The Rule of Nobody; Time to Start Thinking; Independent Voters

Real People, Not Regulations, Are the Key to Accountability

Excerpt from the continuing work of Philip Howard.

“How government became a deviant subculture is a story of good intentions gone awry. We tried to avoid government abuse by replacing individual responsibility with detailed rules and objective legal proceedings. Never again would officials play favorites or indulge personal prejudices. Government would be an efficient assembly line.

What we achieved instead was what philosopher Hannah Arendt called ‘the rule of Nobody.’ Instead of an automated assembly line, government became a bureaucratic jungle, with all the pathologies of a culture without responsibility or accountability: savage politics disconnected from actual accomplishment; hyper-inefficiency; and a universal sense of powerlessness, causing a downward spiral of selfishness and cynicism. ‘Nothing is impossible,’ one public employee observed, ‘until it is sent to a committee.’” – Philip K. Howard

 Time to Start Thinking: America in the Age of Descent by Edward Luce

I just finished listening to it and found it very worthwhile. Perhaps the world’s longest and hardest to-do list.

Here are links to an NYT review by Jonathan Rauch and an excerpt.

“Luce is British, but he has lived and worked in the United States for years (as a columnist for The Financial Times and a speechwriter in the Clinton administration’s Treasury Department). He knows the country well, and he wishes it well, too. A result is that he leavens his yearning for smarter, more nimble government with a realism not always found among Europeans. He recognizes that the accumulation of interest groups guarding the status quo, and the remarkable increase in partisan polarization (especially on the right), are structural changes, difficult, at best, to reverse. No politician wielding cries of “Change!” — whether that politician is named Obama or Gingrich — can make decades’ worth of governmental and political sclerosis go away.”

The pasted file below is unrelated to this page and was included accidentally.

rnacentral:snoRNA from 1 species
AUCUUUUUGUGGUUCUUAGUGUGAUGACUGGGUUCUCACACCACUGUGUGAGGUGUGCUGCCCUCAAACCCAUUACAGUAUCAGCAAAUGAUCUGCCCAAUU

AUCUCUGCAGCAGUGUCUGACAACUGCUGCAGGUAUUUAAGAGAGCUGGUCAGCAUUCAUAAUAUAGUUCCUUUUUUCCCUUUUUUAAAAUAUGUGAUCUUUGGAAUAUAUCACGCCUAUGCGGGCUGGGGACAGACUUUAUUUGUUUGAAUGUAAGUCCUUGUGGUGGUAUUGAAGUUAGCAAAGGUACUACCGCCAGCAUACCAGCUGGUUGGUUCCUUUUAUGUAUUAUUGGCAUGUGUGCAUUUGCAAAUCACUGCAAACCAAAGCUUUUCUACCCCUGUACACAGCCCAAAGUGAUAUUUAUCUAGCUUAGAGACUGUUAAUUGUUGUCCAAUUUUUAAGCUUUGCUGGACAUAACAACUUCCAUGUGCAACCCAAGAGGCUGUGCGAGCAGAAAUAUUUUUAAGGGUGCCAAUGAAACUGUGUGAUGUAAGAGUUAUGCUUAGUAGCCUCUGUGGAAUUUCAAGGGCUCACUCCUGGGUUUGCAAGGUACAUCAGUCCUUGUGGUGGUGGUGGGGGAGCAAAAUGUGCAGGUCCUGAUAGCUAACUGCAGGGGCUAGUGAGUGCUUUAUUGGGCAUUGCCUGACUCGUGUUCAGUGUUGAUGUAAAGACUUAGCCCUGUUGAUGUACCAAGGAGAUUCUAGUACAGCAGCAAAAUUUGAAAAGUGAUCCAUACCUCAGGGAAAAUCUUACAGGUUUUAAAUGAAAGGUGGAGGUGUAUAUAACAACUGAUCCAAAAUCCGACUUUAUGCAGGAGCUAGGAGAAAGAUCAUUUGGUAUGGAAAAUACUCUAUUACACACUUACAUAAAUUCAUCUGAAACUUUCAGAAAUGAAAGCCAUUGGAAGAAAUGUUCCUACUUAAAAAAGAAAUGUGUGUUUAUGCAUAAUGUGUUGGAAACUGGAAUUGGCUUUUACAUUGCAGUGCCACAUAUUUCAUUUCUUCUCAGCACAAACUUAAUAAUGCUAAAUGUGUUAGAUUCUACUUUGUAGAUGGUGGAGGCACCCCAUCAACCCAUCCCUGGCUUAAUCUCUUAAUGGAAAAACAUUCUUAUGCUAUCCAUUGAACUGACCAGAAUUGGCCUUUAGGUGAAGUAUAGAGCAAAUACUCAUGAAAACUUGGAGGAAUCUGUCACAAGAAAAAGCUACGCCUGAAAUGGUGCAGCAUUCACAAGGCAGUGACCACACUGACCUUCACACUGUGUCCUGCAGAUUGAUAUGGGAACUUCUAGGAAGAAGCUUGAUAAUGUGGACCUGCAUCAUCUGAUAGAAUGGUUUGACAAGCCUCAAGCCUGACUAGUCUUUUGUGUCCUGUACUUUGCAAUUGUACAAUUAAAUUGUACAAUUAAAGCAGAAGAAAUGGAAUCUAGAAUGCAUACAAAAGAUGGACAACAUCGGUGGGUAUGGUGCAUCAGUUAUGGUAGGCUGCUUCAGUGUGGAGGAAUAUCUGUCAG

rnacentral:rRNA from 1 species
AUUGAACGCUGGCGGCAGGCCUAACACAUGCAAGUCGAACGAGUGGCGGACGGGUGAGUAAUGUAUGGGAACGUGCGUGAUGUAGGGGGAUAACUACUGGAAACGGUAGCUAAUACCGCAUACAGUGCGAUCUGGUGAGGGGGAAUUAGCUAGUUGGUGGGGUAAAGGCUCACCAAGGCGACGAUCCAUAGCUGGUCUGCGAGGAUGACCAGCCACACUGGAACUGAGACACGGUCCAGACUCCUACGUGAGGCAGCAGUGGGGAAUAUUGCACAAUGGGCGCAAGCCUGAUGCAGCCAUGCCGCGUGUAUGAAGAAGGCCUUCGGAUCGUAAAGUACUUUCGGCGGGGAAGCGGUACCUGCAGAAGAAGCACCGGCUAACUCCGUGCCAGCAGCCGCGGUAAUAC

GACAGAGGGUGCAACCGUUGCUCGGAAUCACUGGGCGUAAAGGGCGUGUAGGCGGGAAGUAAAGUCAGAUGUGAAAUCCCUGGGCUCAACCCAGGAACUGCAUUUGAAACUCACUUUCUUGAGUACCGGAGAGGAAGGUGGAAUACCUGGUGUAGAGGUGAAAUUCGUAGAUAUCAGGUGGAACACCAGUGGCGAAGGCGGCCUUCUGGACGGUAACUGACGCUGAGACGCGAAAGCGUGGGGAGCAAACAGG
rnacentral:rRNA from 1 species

Independent Voters Are Key So Who Are They?

Almost as many flavors of independents as Baskin Robbins. Somehow, “deliberator” isn’t very catchy but the symptoms of deliberator-ness definitely fit. Here are some excerpts and a link.

“This November, independents again could play a decisive role. They make up 49 percent of those who are undecided or say they could change their minds.

But many are neither centrist nor moderate. And many don’t really swing back and forth from one party to the next with any regularity. About a third are indistinguishable from Democrats, and three in 10 are indistinguishable from Republicans, at least when it comes to their voting patterns.

That leaves about one in eight who are “deliberators” — quintessential swing voters. Most say they’ve always considered themselves to be independent, and fully half say they’ve voted for Democrats and Republicans about equally in presidential elections.

The classic independents — whom we call “deliberators” — are not uniformly middle-of-the-road in their views on issues. But they share a deep dislike for the way the political system is operating: Fully 91 percent are dissatisfied with the political system, and 75 percent trust neither Democrats nor Republicans when it comes to representing their opinions on the economy.”

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